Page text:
Family of Justine Damond to file civil rights lawsuit Monday

The family’s civil lawsuit alleges former officer Mohamed Noor conspired with his partner to hide what really happened

Family of Justine Damond to file civil rights lawsuit Monday

Her Sydney-based father has launched the $US50 million legal action.

As CrimeOnline previously reported, Justine Damond, 40, was shot and killed by Minneapolis police officer Mohammed Noor in June 2017 after Noor and his partner responded to Damond's 911 call of a possible assault in an alley behind her home.

Ms Ruszczyk was shot dead by Minneapolis police officer Mohamed Noor as she approached his police vehicle to report a suspected rape in progress on July 15 a year ago.

She was given CPR by the officers but died at the scene.

The statement continued: "We want the Minneapolis police culture to be reformed in such a way and to the extent necessary to stop such senseless acts from happening again and again".

"The outcome is that certain MPD officers are ill-prepared, ill-equipped and unfit to perform obvious and recurring duties of police officers, including the use of force and the use of deadly force", the lawsuit says. Citing his Fifth Amendment right against self-incrimination, Noor has not given his account of the shooting to investigators.

The suit also referenced their age - Mr Noor was 32, Mr Harrity was 25 - and called them "inexperienced officers who appear, by their conduct, unfit for duty".

The father of Australian life coach Justine Damond Ruszczyk has given an emotional explanation as to why his family is seeking more than $US50million ($67m) in a U.S. civil lawsuit for the fatal police shooting of his daughter in Minneapolis.

The family has hired USA lawyer Bob Bennett, a specialist in representing victims of police shootings in Minnesota.

Noor was fired from the Minneapolis Police Department after he shot the 40-year-old life coach who had called 911 to report a possible sexual assault outside her home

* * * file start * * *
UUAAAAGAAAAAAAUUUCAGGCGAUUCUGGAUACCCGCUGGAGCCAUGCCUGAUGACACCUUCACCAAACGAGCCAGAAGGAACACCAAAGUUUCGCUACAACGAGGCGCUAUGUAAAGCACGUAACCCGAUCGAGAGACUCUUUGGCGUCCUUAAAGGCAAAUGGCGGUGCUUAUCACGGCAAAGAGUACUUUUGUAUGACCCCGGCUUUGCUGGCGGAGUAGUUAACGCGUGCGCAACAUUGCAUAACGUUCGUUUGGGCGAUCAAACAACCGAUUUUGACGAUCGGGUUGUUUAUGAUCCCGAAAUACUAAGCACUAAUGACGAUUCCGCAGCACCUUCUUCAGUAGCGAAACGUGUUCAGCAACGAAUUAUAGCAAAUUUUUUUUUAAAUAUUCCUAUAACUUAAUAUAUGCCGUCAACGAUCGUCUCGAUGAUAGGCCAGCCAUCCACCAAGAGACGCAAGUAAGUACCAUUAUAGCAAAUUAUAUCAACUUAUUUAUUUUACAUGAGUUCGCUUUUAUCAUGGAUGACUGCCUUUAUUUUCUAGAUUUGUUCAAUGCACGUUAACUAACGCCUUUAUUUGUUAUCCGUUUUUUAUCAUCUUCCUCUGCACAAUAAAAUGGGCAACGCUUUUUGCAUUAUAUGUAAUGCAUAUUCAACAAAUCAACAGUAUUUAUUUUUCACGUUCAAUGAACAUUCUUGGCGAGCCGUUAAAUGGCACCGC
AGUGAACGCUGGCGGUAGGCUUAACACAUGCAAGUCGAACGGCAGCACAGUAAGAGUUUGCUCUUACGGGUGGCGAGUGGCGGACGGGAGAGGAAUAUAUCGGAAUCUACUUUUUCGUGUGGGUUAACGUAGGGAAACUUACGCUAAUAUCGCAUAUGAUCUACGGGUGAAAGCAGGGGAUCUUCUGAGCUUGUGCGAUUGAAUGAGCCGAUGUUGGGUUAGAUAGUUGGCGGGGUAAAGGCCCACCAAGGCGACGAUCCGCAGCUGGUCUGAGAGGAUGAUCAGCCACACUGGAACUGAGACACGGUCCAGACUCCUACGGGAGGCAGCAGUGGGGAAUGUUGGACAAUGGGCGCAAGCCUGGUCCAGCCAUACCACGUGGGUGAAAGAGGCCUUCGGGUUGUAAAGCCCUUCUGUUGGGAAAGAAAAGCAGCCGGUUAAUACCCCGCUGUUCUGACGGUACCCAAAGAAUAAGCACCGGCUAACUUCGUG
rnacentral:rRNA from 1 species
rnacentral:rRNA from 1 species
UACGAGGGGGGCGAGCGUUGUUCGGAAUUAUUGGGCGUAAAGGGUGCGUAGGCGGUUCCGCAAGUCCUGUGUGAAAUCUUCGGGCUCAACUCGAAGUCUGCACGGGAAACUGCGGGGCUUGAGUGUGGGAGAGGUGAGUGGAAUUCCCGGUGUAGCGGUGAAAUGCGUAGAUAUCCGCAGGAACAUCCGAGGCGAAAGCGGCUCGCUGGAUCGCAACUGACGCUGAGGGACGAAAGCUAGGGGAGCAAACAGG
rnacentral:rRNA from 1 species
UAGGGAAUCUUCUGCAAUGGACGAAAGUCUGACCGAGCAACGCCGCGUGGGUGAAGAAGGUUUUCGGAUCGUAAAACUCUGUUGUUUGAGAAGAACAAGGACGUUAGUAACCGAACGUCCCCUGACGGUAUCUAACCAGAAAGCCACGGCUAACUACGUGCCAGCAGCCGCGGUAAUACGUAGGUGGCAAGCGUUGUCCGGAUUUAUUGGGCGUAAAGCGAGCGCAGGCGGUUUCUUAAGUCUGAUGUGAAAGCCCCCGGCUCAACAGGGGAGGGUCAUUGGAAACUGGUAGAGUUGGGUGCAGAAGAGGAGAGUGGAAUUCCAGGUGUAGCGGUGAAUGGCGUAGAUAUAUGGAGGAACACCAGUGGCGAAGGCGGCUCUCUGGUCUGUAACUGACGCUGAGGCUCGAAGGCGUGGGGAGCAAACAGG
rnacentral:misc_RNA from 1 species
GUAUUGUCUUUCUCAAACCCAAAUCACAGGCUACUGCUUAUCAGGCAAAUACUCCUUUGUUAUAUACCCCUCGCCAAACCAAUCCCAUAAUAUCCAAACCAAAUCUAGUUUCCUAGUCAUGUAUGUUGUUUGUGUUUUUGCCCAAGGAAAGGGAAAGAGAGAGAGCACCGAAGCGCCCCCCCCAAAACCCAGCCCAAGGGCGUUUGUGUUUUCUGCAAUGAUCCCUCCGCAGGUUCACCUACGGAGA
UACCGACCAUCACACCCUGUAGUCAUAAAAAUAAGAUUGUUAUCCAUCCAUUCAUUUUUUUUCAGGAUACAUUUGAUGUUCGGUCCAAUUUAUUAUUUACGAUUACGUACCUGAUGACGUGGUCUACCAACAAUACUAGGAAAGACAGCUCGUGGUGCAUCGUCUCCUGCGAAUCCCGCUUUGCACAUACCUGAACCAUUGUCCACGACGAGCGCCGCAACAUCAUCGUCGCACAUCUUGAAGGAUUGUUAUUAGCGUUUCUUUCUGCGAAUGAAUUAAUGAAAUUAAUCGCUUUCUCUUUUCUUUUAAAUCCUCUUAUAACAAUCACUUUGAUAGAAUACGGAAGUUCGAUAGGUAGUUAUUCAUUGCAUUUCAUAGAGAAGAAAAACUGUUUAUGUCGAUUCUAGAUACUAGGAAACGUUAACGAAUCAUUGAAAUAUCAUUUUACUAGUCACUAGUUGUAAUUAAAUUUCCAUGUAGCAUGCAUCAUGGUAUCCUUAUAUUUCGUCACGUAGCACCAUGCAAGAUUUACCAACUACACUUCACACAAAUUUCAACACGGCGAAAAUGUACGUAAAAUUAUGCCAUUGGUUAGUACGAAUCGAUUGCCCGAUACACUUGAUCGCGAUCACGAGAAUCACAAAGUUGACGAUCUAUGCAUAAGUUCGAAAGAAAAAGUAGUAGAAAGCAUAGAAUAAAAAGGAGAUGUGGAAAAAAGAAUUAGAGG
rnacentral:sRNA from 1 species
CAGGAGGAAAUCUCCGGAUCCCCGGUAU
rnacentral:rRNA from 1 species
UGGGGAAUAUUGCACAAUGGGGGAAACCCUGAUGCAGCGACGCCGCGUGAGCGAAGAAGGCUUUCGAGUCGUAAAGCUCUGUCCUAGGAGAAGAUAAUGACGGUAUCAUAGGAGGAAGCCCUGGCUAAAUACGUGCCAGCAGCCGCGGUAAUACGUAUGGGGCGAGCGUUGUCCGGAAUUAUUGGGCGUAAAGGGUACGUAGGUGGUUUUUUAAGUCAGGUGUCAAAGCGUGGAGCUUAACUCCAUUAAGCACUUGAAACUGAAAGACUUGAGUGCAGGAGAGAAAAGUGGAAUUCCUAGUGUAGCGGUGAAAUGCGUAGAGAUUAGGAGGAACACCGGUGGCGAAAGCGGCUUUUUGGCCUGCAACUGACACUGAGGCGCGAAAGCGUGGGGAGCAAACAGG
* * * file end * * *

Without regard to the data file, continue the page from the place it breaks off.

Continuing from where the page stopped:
Justine Damond's family files $67m lawsuit over police shooting

The family's attorney, Bob Bennett, filed a Section 1983 civil rights complaint in federal court regarding the fatal shooting of Damond, asking for $50 million in damages for the numerous claims in the suit.

"That's unheard of", he said.

"We have evidence of the blue wall of silence", he said.

The lawsuit also claims Noor and his partner conspired to cover up the facts surrounding the shooting.

The lawsuit alleges the Minneapolis police department's problems are systemic.

"If you get spooked like Harrity says without being able to articulate any reason for that, you're in the wrong job", Bennett said.

The suit also says the city had cut back on testing to determine whether officers were fit for duty. They say there's no evidence Noor encountered a threat that justified deadly force. "Meanwhile, serious criminal charges are now pending against Mohamed Noor, and it's critically important that the criminal case be allowed to proceed through trial without interference", Segal said in a statement.

'When we got here we experienced this handsome sunrise and Justine, because of her senseless killing, will never see the sunrise or hear the kookaburras again'.

After the shooting, Minneapolis police chief Janee Harteau said "Justine didn't have to die" and the shooting "should not have happened".

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